The Oris Big Crown ProPilot Calibre 111 is finally the Oris sport watch I have been asking for. This is the first non-dressy or traditional watch (depending on how you look at it) to include Oris’ in-house made movement. Oris currently has two in-house made movements known as the Calibre 110 and the Calibre 111. The former was released in 2014 as a limited edition (hands-on here) to celebrate the brand’s 110th anniversary. One year later, in 2015, Oris released an almost identical Calibre 111 watch that was not a limited edition. The only difference between the Calibre 110 and the 111 is the addition of the date in the latter.
At launch, I asked Oris, “as a brand so strong with sport watches, why are you putting the Calibre 110 into a more formal watch?” I saw immediate appeal for Oris fans who would love to see the new in-house movement inside of a sport watch. Even at Baselworld 2015 when they released the Calibre 111, I asked about inclusion of the movement into a diver or pilot watch. Well, now just a few months later, we get one with the Oris Big Crown ProPilot Calibre 111.
The Oris Big Crown ProPilot collection is the modern version of the standard Big Crown collection. While Oris uses the Big Crown collection of watches to produce vintage-inspired pilot watches, the new-as-of-2014 Oris Big Crown ProPilot collection takes the concept in a more contemporary direction. One of the most interesting Oris Big Crown Pro Pilot watches is the Altimeter that we tested while flying a plane here.
In a very similar style is the Oris Big Crown ProPilot Calibre 111 that comes in a 44mm-wide steel case. Finally, you get the bold, legible look of an Oris pilot watch with their appealing and affordably-priced in-house movement. The Calibre 111 is a manually-wound 3Hz (21,600 bph) movement with a long 10 days of power reserve, all from a single mainspring barrel. The power reserve indicator on the dial is unique (and patented) because it is “non-linear” in how fast the hand moves when you wind it. Thus, you can see the spacing between the days is eccentric on the power reserve indicator gauge.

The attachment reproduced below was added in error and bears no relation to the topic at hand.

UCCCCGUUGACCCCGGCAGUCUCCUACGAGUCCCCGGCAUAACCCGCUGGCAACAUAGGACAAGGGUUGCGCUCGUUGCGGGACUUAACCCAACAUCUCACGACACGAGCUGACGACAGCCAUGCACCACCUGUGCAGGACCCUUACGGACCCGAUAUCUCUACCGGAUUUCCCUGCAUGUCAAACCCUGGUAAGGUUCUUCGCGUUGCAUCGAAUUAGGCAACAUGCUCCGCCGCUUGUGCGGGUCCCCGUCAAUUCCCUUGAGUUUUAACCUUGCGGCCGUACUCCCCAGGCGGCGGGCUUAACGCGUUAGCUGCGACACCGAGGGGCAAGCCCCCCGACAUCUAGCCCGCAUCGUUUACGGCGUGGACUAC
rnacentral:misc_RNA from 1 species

The Calibre 111 movement features the time with subsidiary seconds dial, date at 9 o’clock, and of course, the power reserve indicator. While the Oris Calibre 111 watch was nice, it was a bit too conservative for my personal tastes. Finally, we start to see Oris applying its in-house made movement technology into its most popular types of watches – which are for sporting activities. It is only a matter of time before we see an Oris in-house made movement in their diving and racing watches.
The Oris Big Crown ProPilot collection has some of my favorite dials for modern mechanical pilot watches. The hands are extremely easy to see and the right length. The ring of Arabic numeral hour markers further enhances a strict sense of legibility in the design. The case is finished with an attractive industrial brushed-look, and is water resistant to 100 meters, topped with an AR-coated sapphire crystal.
Perhaps the most important element of the Oris Big Crown ProPilot Calibre 111 is how it fits into the competitive environment of other aviation watches with in-house made movements. Compared to an IWC, Breguet, or Zenith, the Oris Big Crown ProPilot Calibre 111 is a relative bargain for a Swiss pilot watch. From a sales perspective, this gives Oris a very compelling sales proposition, and I am curious to know what people think about the price to value ratio of the Oris Big Crown ProPilot Calibre 111 as compared to the alternatives.
Oris will offer a few strap and bracelet options at launch for the Oris Big Crown ProPilot Calibre 111 reference 111 7711 4163 watch. Of course, there is the stainless steel bracelet – which, in my opinion, is a great choice for everyone. With that said, the strap options are very nice as well, especially as they are combined with Oris’ very good “seat buckle style” deployant clasp. Strap options include the military olive green textile strap or a really handsome brown crocodile strap. Price is 5,200 Swiss Francs. oris.ch